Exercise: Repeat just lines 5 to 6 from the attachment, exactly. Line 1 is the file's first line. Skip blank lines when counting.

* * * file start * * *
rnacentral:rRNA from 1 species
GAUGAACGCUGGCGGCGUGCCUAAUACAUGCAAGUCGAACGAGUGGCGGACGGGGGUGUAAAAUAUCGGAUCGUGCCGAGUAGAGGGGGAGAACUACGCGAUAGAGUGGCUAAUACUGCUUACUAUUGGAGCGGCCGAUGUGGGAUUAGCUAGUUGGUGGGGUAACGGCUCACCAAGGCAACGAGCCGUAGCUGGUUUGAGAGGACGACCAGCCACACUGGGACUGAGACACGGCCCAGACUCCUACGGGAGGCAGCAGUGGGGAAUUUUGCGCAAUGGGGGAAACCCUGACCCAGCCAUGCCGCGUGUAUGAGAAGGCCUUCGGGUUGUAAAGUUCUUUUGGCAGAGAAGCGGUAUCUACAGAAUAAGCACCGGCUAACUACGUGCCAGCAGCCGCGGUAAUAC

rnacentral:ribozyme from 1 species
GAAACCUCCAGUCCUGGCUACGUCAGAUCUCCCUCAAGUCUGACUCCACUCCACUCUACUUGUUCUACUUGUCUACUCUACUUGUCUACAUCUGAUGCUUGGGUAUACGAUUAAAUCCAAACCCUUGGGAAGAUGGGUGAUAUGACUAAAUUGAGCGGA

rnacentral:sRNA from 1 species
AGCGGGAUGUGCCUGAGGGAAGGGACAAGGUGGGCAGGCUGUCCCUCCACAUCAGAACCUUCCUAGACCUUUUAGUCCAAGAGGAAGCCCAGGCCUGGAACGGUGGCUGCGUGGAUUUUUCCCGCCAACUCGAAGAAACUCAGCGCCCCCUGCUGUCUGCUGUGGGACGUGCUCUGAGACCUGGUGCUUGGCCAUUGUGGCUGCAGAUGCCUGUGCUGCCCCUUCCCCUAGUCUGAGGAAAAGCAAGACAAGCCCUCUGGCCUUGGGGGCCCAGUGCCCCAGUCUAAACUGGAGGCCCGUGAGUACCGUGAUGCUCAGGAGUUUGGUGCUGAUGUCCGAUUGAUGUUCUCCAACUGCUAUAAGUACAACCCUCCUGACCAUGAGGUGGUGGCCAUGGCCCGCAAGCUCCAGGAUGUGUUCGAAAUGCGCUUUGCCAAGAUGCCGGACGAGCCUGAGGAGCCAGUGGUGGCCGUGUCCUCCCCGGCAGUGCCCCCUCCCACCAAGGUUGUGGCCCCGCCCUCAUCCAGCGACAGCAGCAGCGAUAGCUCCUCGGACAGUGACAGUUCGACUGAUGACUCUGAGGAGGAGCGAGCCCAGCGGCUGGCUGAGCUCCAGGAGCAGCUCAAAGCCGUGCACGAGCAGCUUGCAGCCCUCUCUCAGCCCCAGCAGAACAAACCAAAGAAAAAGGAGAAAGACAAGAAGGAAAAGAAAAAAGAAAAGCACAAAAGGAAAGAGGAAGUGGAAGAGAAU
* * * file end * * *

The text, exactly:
rnacentral:sRNA from 1 species
AGCGGGAUGUGCCUGAGGGAAGGGACAAGGUGGGCAGGCUGUCCCUCCACAUCAGAACCUUCCUAGACCUUUUAGUCCAAGAGGAAGCCCAGGCCUGGAACGGUGGCUGCGUGGAUUUUUCCCGCCAACUCGAAGAAACUCAGCGCCCCCUGCUGUCUGCUGUGGGACGUGCUCUGAGACCUGGUGCUUGGCCAUUGUGGCUGCAGAUGCCUGUGCUGCCCCUUCCCCUAGUCUGAGGAAAAGCAAGACAAGCCCUCUGGCCUUGGGGGCCCAGUGCCCCAGUCUAAACUGGAGGCCCGUGAGUACCGUGAUGCUCAGGAGUUUGGUGCUGAUGUCCGAUUGAUGUUCUCCAACUGCUAUAAGUACAACCCUCCUGACCAUGAGGUGGUGGCCAUGGCCCGCAAGCUCCAGGAUGUGUUCGAAAUGCGCUUUGCCAAGAUGCCGGACGAGCCUGAGGAGCCAGUGGUGGCCGUGUCCUCCCCGGCAGUGCCCCCUCCCACCAAGGUUGUGGCCCCGCCCUCAUCCAGCGACAGCAGCAGCGAUAGCUCCUCGGACAGUGACAGUUCGACUGAUGACUCUGAGGAGGAGCGAGCCCAGCGGCUGGCUGAGCUCCAGGAGCAGCUCAAAGCCGUGCACGAGCAGCUUGCAGCCCUCUCUCAGCCCCAGCAGAACAAACCAAAGAAAAAGGAGAAAGACAAGAAGGAAAAGAAAAAAGAAAAGCACAAAAGGAAAGAGGAAGUGGAAGAGAAU